One morning about a year into my first real full-time job my husband called and asked if he could pick me up for lunch; a nice surprise since he very rarely had time for lunch. As I got in the car with him he handed me a single red rose (how sweet), I gave him a quick kiss and we headed out to find something to eat.
None of that is interesting or even noteworthy. However, by the time I got back to the office an hour later one of the ‘team leaders’ who had been outside smoking when I left had told several people in the department that I was having an affair. It became a huge firestorm with hot-spots flaring up constantly. Starting that day and for the entire two years I worked on that floor I had to defend myself. “Yes the man who had taken me to lunch was my husband and yes sometimes he even bought me flowers.” I absolutely believe that bit of gossip negatively affected my success in that job.
So why am I telling you that story? It seemingly has nothing to do with teams or leadership. Maybe it falls somewhere close to communication and conflict. But really, why did my going to lunch with someone (my husband or otherwise) really matter to anyone? That lunch in no way changed my ability to do my job and do it well.
If you are part of a corporate or athletic team you certainly have first hand stories like that one. Maybe it was about you, maybe it is something you heard about someone else. But the stories happen all the time and they are bad for productivity. I have talked before about trust being a key ingredient for successful teams. I never trusted that team leader. I will even go so far as to say if I saw her today she would have to work really hard to gain my trust.
Here are a few tips to keep things that have nothing to do with your team out of your way:
- 1. Open a discussion with your team about the damaging effects of gossip. Everyone will agree it is bad and no one in the room will stand up and say they think talking behind someone’s back is a good thing.
2. This is a perfect time to get a commitment that as a team you are going to wipe out gossip and the firestorm it creates. Sports teams have the option to include it in their code of conduct (my book includes a team contract they can use). It is a little more challenging to have no gossip written contracts in the business world. If you can’t have a signed piece of paper at least have an explicit verbal agreement.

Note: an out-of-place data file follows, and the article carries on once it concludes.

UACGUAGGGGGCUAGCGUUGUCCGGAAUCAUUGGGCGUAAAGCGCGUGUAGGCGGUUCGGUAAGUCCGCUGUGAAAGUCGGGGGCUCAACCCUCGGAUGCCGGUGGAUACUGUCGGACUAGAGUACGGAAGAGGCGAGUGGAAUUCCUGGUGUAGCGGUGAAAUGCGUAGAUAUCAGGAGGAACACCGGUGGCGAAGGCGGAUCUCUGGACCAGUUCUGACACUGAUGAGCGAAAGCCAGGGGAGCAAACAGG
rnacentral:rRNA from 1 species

3. As part of that agreement include that everyone agrees to hold each other accountable to it. Gossip goes nowhere when no one is listening. Create phrases that can be used by your team when someone starts to talk behind someone’s back. “That sounds like an issue between you and Sue. Have you talked to her?” “I’m not really sure what happened between Tom and Dave but I think it is their issue to work out.” Having something ready-made to say will make the uncomfortable situation of turning gossip off much easier.
4. Remember to tell people new to the team about your “No Gossip” policy. Explain why you put it in place and if you have a written statement share it with them. Make it clear that office politics and team drama have no place on your team.
5. Keep in mind that gossip and politics are very normal in group environments. It will take effort to change the team’s behavior. It is effort well worth the productive outcome you will receive
6. Finally – Coaches, managers, and captains MUST be role models. I cannot even count the number of times I have sat in meetings with leaders who complain bitterly about team drama and then it turns out they are the worst gossip on the team. Don’t let that happen to you!
It really is this simple – If you don’t talk about office politics, gossip and team drama they will eat your team from the inside out. You will waste valuable time and energy and things that matter as much to your bottom line as whether or not I was having lunch with my husband did to my work all those years ago will drain your resources.
So ask yourself this question: How much potential are you willing to waste?
Do you have a story like the one I shared where something having nothing to do with the task at hand derailed your team? We would love to hear about it!
Next week we take the issue of office politics and gossip a step further – What do you do when your team is being ransacked by team drama?
Last week’s topic had tips for being micromanaged and to stop micromanaging. Read it here if you missed it.